Jason Grilli was eased back into things as a set-up man after returning from a forearm strain earlier this month, but Pirates manager Clint Hurdle told Tom Singer of MLB.com this afternoon that they will rely on him as their closer the rest of the way.
Grilli notched his first save since July 21 on Saturday against the Reds. Hurdle initially indicated that it was a one-day change, as Mark Melancon was coming off back-to-back blown saves, but he told Singer today that he’s “going back” to the way things were “before Jason got hurt.” This means that Melancon will serve as the primary set-up man once again while Tony Watson will fall back into seventh-inning duties.
Grilli has allowed four runs on nine hits and two walks over six innings since coming off the disabled list, but he has delivered three straight scoreless appearances. The Pirates will have to hope that he is rounding into form at just the right time for the postseason.
The Rockies are looking for a “front-of-rotation-type pitcher,” per Jeff Passan of Yahoo Sports. He notes that the club is also in on free agent slugger Mark Trumbo.
Starting pitching has not been the Rockies’ strong suit in recent years. The club had baseball’s fifth-worst rotation ERA in baseball this past season at 4.79. It’s tough to entice big-name free agent pitchers to pitch given how their stats are adversely affected by the hitter-friendly nature of Coors Field. Trading would be one way around that.
Though Chris Sale is off the board, the Rockies could still try to pry Chris Archer from the Rays or Jose Quintana from the White Sox.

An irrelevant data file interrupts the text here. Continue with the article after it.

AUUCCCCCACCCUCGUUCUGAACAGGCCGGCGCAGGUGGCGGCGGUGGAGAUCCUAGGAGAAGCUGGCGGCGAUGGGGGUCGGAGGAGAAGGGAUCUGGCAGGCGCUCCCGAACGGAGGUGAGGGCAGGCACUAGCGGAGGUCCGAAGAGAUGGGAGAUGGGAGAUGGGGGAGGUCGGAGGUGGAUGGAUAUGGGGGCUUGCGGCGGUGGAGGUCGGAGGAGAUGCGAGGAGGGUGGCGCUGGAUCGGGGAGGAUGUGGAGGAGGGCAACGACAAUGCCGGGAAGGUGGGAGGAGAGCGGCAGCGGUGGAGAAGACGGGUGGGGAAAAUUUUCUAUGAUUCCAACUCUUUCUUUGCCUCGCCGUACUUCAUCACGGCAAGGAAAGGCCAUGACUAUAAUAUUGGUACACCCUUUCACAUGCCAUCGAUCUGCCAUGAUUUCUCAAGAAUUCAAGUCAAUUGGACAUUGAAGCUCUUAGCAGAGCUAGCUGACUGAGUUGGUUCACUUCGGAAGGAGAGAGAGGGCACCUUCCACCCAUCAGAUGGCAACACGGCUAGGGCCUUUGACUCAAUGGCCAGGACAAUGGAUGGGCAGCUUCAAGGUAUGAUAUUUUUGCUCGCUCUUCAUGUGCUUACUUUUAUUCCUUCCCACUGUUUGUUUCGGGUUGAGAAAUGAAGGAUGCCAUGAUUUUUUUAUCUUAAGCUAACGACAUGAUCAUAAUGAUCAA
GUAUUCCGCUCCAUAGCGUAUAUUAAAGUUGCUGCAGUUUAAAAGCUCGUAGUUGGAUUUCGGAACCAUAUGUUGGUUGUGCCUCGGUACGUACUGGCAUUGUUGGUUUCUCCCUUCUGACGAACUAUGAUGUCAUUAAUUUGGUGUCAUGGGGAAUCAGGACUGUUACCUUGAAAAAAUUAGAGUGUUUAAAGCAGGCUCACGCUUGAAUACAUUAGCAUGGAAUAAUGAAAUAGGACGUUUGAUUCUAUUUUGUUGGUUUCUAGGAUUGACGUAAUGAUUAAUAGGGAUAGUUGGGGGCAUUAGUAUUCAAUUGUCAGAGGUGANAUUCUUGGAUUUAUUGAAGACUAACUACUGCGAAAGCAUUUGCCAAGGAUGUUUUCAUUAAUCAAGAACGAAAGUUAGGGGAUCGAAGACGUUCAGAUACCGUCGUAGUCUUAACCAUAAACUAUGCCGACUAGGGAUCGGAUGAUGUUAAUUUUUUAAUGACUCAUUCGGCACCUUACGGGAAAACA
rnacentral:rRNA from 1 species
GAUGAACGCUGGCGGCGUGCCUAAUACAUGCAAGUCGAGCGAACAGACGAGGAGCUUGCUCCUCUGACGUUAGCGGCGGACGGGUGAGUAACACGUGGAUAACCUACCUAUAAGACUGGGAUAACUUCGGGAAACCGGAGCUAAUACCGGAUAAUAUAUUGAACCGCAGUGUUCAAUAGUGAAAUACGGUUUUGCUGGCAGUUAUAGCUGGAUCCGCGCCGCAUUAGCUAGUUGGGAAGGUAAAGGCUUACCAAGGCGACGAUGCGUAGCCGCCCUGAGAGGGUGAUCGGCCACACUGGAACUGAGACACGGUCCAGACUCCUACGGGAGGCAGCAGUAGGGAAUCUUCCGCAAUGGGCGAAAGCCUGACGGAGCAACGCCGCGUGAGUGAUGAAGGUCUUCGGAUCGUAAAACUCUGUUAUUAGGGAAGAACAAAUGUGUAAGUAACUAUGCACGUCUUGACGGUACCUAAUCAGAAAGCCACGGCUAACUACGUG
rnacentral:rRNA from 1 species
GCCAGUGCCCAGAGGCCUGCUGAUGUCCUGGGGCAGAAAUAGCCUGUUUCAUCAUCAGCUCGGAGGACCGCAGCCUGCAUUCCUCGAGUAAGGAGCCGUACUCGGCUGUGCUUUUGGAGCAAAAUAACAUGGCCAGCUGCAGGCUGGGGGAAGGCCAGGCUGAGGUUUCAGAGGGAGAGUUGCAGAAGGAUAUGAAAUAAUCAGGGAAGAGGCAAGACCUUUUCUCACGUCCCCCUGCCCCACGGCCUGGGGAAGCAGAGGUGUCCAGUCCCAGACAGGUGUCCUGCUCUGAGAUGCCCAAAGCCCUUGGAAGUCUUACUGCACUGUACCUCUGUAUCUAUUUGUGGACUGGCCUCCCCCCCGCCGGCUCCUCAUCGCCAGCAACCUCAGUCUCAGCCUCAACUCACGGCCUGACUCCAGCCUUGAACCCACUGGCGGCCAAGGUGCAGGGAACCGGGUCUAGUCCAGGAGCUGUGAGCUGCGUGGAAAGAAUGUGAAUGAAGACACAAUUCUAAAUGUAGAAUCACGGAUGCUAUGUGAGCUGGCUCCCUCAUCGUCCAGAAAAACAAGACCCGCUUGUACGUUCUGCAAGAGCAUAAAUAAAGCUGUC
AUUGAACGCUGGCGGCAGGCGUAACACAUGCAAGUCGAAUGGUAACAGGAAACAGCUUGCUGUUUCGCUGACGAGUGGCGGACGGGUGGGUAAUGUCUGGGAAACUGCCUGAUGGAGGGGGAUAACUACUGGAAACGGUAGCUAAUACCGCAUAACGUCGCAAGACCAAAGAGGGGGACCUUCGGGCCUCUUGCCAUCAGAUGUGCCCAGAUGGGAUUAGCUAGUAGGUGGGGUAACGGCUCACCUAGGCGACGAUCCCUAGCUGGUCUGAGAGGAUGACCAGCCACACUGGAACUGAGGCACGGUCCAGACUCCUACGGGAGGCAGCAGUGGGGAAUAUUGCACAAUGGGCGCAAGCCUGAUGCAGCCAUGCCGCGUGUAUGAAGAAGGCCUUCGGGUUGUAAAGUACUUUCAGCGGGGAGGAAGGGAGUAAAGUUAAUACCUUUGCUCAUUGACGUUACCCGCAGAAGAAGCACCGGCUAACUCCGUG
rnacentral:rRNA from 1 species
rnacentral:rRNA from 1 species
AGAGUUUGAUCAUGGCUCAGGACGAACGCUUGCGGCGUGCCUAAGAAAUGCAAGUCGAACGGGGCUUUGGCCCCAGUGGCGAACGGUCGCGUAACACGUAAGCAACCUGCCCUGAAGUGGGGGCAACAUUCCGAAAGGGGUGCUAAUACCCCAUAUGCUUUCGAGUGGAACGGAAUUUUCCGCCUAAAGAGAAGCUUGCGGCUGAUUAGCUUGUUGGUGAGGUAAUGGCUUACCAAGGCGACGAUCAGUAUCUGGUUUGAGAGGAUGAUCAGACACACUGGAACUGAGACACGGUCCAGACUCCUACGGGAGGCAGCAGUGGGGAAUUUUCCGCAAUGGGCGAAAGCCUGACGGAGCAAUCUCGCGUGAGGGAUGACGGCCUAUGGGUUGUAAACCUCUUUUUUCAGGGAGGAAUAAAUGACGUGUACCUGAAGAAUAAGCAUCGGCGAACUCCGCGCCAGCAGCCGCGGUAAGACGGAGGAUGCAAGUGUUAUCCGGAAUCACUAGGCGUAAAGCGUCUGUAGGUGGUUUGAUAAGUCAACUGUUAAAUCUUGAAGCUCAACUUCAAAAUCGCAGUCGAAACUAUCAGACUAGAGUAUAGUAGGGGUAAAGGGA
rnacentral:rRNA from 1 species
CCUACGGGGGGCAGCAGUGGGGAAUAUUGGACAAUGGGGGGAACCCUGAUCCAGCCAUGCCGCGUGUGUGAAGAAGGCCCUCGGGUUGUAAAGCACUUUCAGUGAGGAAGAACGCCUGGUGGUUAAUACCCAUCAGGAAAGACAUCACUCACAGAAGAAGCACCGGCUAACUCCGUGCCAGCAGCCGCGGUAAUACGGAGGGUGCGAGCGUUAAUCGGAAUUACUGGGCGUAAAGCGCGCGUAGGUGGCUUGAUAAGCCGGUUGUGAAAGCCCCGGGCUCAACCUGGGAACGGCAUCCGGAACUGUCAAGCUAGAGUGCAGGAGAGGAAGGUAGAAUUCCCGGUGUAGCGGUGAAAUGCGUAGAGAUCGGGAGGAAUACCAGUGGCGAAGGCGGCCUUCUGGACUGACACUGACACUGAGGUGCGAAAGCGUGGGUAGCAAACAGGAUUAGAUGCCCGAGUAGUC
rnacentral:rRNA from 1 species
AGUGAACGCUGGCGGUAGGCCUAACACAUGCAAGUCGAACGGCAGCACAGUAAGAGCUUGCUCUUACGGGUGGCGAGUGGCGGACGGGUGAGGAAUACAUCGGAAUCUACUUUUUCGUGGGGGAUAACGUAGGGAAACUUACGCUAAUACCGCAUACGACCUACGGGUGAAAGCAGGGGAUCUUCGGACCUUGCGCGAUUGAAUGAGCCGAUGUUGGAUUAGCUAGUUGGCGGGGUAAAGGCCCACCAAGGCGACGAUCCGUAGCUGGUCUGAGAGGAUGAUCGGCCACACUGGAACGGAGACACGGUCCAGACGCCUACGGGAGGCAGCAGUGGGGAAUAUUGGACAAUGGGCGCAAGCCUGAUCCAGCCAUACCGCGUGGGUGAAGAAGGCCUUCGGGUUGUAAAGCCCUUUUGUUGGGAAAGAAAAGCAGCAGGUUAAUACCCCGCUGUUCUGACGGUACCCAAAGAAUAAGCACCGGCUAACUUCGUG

As presently constructed, the Rockies’ rotation includes Chad Bettis, Tyler Chatwood, Jon Gray, Tyler Anderson, and German Marquez.
SB Nation’s Chris Cotillo passes along an interesting piece of information. New Yankees OF/DH Matt Holliday has a no-trade clause in his contract that allows him to block a trade to exactly one team: the Athletics.
Holliday was briefly a member of the A’s back in 2009. He had a decent two months in Oakland, so it isn’t as if he feels he couldn’t produce there. However, the A’s do play their home games at Oakland Alameda Coliseum, which is the fifth-oldest stadium in baseball, having opened in 1966. You may recall that the Coliseum has had some issues recently. Three years ago, the coaches’ bathroom overflowed with sewage and sewage also came out of faucets. Earlier this year, there were more plumbing issues as the Yankees’ clubhouse toilet was backed up and water overflowed into the dugout. It’s understandable why Holliday might not want to play half his games there.